An adult female with chromosome 5q34-q35.2 microdeletion: A rare syndromic presentation of left ventricular non-compaction and congenital heart disease
Microdeletions in the distal segment of chromosome 5q have rarely been reported in the literature with less than 20 published cases. Common features that have been identified in distal 5q deletions included failure to thrive, microcephaly, developmental delay/intellectual disability, abnormal craniofacial phenotypes, and cardiac anomalies.
The proposed smallest region of overlap (SRO) is estimated to be approximately 2.2 Mb and contains 19 genes, including the NKX2-5 gene. The NKX2-5 gene is considered to be crucial for cardiac and conduction system development.
In this article, the authors report on a 24-year-old female, the first adult described with an interstitial 5q34-q35.2 deletion. Clinical findings included congenital heart defects, microcephaly, minor facial dysmorphism, developmental delay across all domains, and a diagnosis of autism spectrum disorder since the age 18. The congenital heart defects included left ventricular non-compaction cardiomyopathy (LVNC) and dilated cardiomyopathy (DCM).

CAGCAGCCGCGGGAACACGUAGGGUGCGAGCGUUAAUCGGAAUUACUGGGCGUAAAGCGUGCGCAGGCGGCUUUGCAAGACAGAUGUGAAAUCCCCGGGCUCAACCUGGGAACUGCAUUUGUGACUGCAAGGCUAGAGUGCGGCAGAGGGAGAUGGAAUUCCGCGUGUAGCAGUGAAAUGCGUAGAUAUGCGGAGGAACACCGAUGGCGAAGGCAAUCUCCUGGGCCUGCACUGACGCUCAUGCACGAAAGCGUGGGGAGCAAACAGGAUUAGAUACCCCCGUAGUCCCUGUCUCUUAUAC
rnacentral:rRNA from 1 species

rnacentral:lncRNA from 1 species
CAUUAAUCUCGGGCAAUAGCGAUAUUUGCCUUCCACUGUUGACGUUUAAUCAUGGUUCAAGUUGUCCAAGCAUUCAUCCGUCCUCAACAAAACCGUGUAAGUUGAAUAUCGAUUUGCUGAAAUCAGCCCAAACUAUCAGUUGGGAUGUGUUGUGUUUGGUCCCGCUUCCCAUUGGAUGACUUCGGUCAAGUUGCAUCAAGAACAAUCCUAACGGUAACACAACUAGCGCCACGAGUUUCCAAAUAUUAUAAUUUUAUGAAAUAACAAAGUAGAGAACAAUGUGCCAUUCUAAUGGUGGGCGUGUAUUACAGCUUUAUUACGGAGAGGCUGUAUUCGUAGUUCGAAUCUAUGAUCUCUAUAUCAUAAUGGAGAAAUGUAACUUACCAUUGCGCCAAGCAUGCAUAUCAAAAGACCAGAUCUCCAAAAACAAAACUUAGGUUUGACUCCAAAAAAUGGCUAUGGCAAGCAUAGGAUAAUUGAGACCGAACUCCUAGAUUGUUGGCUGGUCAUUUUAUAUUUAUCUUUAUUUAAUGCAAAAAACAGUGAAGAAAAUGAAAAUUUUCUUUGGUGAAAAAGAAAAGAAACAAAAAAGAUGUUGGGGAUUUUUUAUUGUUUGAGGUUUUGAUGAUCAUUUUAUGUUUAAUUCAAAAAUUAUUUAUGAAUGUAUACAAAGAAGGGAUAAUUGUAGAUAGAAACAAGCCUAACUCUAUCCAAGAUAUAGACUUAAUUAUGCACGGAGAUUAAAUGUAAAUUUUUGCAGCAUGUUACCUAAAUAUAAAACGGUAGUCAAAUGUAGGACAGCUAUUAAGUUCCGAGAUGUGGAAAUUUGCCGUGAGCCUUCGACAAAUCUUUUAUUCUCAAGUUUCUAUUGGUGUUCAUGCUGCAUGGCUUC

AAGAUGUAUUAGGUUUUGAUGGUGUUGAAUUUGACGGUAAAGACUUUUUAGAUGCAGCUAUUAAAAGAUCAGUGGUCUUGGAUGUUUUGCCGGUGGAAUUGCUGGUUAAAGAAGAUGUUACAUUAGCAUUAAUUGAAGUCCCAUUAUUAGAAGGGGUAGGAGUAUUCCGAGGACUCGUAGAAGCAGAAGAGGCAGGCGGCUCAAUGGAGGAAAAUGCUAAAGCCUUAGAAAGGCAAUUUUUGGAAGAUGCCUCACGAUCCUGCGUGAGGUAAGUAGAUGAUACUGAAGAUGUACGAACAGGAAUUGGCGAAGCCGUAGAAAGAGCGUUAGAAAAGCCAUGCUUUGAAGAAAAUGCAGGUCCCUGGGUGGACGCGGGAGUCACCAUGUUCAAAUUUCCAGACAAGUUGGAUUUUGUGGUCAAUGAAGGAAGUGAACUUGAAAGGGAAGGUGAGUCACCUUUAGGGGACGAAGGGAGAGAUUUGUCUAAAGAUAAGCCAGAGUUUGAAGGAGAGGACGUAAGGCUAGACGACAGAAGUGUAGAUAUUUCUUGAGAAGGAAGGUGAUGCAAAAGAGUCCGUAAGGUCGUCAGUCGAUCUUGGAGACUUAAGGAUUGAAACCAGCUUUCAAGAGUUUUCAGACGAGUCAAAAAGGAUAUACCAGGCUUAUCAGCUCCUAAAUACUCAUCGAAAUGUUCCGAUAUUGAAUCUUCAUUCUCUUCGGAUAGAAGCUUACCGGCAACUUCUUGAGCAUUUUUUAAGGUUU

The authors state the congenital heart defects seen in the patient, and other patients with distal 5q deletions, are most likely caused by haploinsufficiency of NKX2-5. This lends plausibility to the association between distal 5q deletions and cardiomyopathies. Additionally, the authors speculate that the haploinsufficiency of two other genes in the deleted areas GABRB2 and KCNIP1 could contribute to the intellectual disability, developmental delay, and behavioral abnormalities seen in this patient and others with distal 5q deletions.
Arya P. et al. “An Adult Female with 5q34-q35.2 Deletion: A Rare Syndromic Presentation of Left Ventricular Non-Compaction and Congenital Heart Disease.” European Journal of Medical Genetics, 2019, [ahead of print] doi:10.1016/j.ejmg.2019.103797
Articles of the month are chosen from newly published genetic research by CDO consulting medical advisor and geneticist, Dr. Iosif Lurie, M.D. PhD For more information on any article please contact email@example.com